Rapid recovery of a shallow hypertrophic lake following sewage effluent diversion: lack of chemical resilience

Abstract

Total phosphorus budget and studies on dissolved inorganic nitrogen concentrations have been made for a small, hypertrophic, shallow lake, Little Mere, for a year prior to effluent diversion and three years following effluent diversion. Considerable resilience in phosphate concentrations was expected from experiences elsewhere with shallow lakes. Pre-diversion clear water was associated with a high dominance of large-bodied Daphnia magna due to an absence of fish in the relatively low-oxygen conditions. Unexpectedly, the phosphorus and nitrogen concentrations declined rapidly after effluent diversion (92% and 91%, respectively) and the lake has maintained the pre-diversion state of clear water. Little Mere provides evidence for importance of biological structure in determining the extent of chemical resilience. The laboratory sediment release rates of N and P were considerably higher than the net release rates, calculated from mass balance of the lake chemistry, as found elsewhere. Probably, lack of phytoplankton sedimentation, phytoplankton and plants uptake were the reasons for several fold high release rates that were observed in laboratory experiment. Therefore, it appeared to approach the gross release rates.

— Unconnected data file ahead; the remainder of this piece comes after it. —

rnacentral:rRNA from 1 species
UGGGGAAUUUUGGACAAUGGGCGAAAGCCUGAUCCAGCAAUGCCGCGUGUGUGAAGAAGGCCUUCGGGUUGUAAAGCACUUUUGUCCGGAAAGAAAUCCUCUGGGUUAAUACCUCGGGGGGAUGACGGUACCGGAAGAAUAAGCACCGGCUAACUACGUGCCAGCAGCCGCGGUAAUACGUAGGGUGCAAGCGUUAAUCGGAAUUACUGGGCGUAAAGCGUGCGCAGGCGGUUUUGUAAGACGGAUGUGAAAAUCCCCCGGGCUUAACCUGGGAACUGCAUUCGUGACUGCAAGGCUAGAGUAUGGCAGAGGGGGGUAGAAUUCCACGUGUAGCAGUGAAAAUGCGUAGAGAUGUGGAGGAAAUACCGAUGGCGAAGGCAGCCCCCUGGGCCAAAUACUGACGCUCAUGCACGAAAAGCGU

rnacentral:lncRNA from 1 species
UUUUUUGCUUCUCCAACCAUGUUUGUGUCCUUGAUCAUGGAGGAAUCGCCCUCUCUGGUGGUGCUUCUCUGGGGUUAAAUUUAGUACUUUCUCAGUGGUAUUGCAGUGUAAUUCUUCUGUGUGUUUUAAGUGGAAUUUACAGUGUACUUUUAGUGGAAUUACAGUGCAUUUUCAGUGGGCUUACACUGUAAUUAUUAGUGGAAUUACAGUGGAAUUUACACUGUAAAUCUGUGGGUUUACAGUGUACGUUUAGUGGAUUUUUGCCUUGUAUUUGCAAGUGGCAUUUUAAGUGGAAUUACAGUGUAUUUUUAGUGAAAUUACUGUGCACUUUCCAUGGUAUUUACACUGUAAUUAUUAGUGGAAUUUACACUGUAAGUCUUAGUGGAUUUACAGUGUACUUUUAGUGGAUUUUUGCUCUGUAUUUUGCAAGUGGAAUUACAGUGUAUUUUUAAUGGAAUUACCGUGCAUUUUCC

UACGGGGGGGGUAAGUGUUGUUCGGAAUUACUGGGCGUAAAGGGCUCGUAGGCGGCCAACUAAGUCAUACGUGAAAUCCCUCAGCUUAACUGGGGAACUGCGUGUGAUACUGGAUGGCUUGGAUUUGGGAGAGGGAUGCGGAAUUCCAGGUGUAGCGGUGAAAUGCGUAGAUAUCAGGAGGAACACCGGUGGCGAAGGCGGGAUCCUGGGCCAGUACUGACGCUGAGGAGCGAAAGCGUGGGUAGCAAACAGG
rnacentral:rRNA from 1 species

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Beklioglu, M., Carvalho, L. & Moss, B. Rapid recovery of a shallow hypertrophic lake following sewage effluent diversion: lack of chemical resilience. Hydrobiologia 412, 5–15 (1999). https://doi.org/10.1023/A:1003705518774

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  • clear water
  • Daphnia
  • gross release
  • net release
  • nutrients
  • shallow lakes